Category Archive '9/11'
11 Sep 2017

16 Years Ago: Rick Rescorla Saved 2700 Lives

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Rick Rescorla in Vietnam, 15 Nov 1965
Captain Rescorla in action at Ia Drang, Republic of Vietnam, 15 November 1965.
photograph: Peter Arnett/AP.

Born in Hayle, Cornwall, May 27, 1939, to a working-class family, Rescorla joined the British Army in 1957, serving three years in Cyprus. Still eager for adventure, after army service, Rescorla enlisted in the Northern Rhodesia Police.

Ultimately finding few prospects for advancement in Britain or her few remaining colonies, Rescorla moved to the United States, and joined the US Army in 1963. After graduating from Officers’ Candidate School at Fort Benning, Georgia in 1964, he was assigned as a platoon leader to Bravo Company of the 2nd Battalion, 7th Cavalry, Third Brigade of the 1st Cavalry Division (Airmobile). Rescorla’s serious approach to training and his commitment to excellence led to his men to apply to him the nickname “Hard Corps.”

The 2nd Battalion of the 7th Cavalry was sent to Vietnam in 1965, where it soon engaged in the first major battle between American forces and the North Vietnamese Army at Ia Drang.

The photograph above was used on the cover of Colonel Harold Moore’s 1992 memoir We Were Soldiers Once… and Young, made into a film starring Mel Gibson in 2002. Rescorla was omitted from the cast of characters in the film, which nonetheless made prominent use of his actual exploits, including the capture of the French bugle and the elimination of a North Vietnamese machine gun using a grenade.

For his actions in Vietnam, Rescorla was awarded the Silver Star, the Bronze Star (twice), the Purple Heart, and the Vietnamese Cross of Gallantry. After Vietnam, he continued to serve in the Army Reserve, rising to the rank of Colonel by the time of his retirement in 1990.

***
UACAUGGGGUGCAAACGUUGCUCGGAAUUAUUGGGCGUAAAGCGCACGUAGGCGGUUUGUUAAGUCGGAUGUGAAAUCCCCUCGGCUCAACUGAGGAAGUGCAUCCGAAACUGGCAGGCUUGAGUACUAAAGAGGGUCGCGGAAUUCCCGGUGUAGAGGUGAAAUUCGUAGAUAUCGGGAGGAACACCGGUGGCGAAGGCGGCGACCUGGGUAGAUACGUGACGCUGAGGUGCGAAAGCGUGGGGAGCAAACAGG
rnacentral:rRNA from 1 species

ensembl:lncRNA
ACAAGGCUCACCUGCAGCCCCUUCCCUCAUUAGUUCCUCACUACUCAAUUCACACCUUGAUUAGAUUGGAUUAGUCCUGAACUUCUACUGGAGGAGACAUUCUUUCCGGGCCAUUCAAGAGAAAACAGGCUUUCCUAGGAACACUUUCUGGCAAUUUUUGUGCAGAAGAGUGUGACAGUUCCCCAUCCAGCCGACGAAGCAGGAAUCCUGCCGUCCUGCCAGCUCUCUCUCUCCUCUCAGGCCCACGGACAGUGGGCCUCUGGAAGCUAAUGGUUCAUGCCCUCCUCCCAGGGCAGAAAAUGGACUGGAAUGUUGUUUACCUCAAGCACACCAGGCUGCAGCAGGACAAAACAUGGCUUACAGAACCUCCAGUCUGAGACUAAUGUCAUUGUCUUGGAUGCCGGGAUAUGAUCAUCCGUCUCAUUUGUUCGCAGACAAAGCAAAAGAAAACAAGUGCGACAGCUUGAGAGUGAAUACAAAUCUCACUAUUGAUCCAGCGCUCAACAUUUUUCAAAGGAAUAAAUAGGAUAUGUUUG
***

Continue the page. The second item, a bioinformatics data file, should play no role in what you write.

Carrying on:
Rick Rescorla became a US citizen in 1967. He subsequently earned bachelor’s, master’s, and law degrees from the University of Oklahoma, and proceeded to teach criminal law at the University of South Carolina from 1972-1976, before he moved to Chicago to become Director of Security for Continental Illinois Bank and Trust.

In 1985, Rescorla moved to New York to become Director of Security for Dean Witter, supervising a staff of 200 protecting 40 floors in the South Tower of the World Trade Center. (Morgan Stanley and Dean Witter merged in 1997.) Rescorla produced a report addressed to New York’s Port Authority identifying the vulnerability of the Tower’s central load-bearing columns to attacks from the complex’s insecure underground levels, used for parking and deliveries. It was ignored.

On February 26, 1993, Islamic terrorists detonated a car bomb in the underground garage located below the North Tower. Six people were killed, and over a thousand injured. Rescorla took personal charge of the evacuation, and got everyone out of the building. After a final sweep to make certain that no one was left behind, Rick Rescorla was the last to step outside.

—————————————-

Rescorla on 9/11
Directing the evacuation on September 11th.
Security Guards Jorge Velasquez and Godwin Forde are on the right.
photograph: Eileen Mayer Hillock.

Rescorla was 62 years old, and suffering from prostate cancer on September 11, 2001. Nonetheless, he successfully evacuated all but 6 of Morgan Stanley’s 2800 employees. (Four of the six lost included Rescorla himself and three members of his own security staff, including both the two security guards who appear in the above photo and Vice President of Corporate Security Wesley Mercer, Rescorla’s deputy.) Rescorla travelled personally, bullhorn in hand, as low as the 10th floor and as high as the 78th floor, encouraging people to stay calm and make their way down the stairs in an orderly fashion. He is reported by many witnesses to have sung “God Bless America,” “Men of Harlech, ” and favorites from Gilbert & Sullivan operettas. “Today is a day to be proud to be an American,” he told evacuees.